China’s engagement with world largely driven by commercial, strategic interests: Prof Swaran Singh

"India on the other hand has enduring civilisational relations with the world. This has seen India's leadership emphasising on diaspora and cultural links to great advantage with substantial success."
For representational purpose only
For representational purpose only

Prof Swaran Singh, Visiting Professor, Department of Political Science, University of British Columbia, Vancouver, Canada and Professor for Diplomacy and Disarmament, Jawaharlal Nehru University, New Delhi, in an exclusive interview talks about India's relationship with China and its rising activities in India's neighbourhood. Excerpts

Q. What is your analysis about India’s neghbourhood from the perspective of geostrategy and geopolitics?

A: India, being increasingly recognised as an emerging economy and middle power, has transformed its imagination in its neighbourhood. Today, India is an active player not only in its immediate periphery in South Asia where sub regional cooperation like the BIMSTEC have received added attention but also increased engagement in its extended neighbourhood both in East and West. India is an influential voice today in both the Quads in the Indo-Pacific in the East and I1U2 Framework in West Asia. Surely, this has brought forward India’s worldview both in geostrategy and geopolitics for increasing debates both for its theories as also praxis. This provides opportunities to both India’s policy analysts as also policy practitioners to contribute to this transformation and empower India’s ambitious leadership that seeks to harness this historic moment in India’s rise to global power stature.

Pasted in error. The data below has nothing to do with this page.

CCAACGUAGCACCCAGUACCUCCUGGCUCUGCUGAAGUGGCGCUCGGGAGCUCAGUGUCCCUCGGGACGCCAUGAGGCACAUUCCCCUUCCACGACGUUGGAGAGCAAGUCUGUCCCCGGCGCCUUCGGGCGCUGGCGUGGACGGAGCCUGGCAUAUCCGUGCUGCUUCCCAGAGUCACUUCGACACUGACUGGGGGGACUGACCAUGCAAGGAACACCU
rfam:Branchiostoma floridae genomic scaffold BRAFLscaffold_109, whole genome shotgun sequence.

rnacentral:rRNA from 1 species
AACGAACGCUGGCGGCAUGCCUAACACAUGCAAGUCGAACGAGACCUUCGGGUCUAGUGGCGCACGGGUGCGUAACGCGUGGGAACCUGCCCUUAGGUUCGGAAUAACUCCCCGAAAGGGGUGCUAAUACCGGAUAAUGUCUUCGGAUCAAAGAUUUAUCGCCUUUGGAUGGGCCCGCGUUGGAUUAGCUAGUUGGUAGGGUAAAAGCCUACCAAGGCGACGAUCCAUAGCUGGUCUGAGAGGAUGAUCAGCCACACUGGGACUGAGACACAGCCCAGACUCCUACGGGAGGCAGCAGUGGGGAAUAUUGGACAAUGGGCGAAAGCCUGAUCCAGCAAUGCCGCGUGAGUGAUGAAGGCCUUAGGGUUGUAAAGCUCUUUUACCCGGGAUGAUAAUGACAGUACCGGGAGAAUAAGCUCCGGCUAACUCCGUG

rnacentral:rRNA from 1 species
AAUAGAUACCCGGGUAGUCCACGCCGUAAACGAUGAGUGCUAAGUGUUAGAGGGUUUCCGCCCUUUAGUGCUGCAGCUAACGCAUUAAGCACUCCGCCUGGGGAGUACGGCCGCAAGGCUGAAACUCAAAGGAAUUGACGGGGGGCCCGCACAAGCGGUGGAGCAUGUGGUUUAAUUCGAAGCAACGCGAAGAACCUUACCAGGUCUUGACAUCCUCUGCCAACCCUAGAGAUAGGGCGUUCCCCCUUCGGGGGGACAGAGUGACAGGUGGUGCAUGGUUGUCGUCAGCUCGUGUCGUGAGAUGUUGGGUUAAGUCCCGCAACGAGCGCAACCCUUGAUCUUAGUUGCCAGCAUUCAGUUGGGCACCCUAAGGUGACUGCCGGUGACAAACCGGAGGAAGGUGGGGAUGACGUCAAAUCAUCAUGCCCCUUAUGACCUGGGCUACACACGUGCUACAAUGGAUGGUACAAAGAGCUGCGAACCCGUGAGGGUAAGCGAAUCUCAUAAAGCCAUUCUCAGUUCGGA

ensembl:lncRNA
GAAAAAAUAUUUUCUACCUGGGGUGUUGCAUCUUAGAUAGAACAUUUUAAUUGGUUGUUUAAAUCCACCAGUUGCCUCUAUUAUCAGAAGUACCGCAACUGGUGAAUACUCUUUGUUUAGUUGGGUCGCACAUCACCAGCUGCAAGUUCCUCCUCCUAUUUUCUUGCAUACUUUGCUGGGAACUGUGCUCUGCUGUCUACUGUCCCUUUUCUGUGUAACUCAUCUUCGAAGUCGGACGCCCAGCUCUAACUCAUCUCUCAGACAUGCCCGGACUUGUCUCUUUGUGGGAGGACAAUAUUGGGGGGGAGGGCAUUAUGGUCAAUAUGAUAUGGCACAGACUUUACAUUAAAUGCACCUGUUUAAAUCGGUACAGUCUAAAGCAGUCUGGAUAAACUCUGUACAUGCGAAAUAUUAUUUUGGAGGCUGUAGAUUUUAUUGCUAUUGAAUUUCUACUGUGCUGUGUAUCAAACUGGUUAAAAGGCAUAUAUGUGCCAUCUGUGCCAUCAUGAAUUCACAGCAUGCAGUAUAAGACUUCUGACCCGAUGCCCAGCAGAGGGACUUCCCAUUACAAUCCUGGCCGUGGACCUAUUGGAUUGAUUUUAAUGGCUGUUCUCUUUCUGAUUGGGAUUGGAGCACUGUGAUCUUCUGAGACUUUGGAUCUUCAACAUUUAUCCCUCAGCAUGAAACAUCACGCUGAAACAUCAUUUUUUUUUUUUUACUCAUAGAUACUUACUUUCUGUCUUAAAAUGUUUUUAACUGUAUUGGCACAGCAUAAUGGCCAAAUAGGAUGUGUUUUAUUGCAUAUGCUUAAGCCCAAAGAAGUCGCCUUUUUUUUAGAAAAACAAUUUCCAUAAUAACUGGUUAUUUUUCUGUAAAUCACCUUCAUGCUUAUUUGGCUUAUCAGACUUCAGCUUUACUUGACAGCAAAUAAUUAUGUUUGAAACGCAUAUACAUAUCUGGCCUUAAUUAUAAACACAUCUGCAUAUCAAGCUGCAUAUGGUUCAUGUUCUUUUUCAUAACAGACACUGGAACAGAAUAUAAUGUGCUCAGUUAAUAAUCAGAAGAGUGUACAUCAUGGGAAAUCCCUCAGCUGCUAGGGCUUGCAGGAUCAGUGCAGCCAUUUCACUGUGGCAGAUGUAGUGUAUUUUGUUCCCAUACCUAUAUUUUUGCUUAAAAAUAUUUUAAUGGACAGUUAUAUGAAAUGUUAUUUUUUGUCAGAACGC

Q. In recent years China has been pursuing a pro-active/aggressive approach in building its relations with countries in our neighbourhood. What is your observation on it?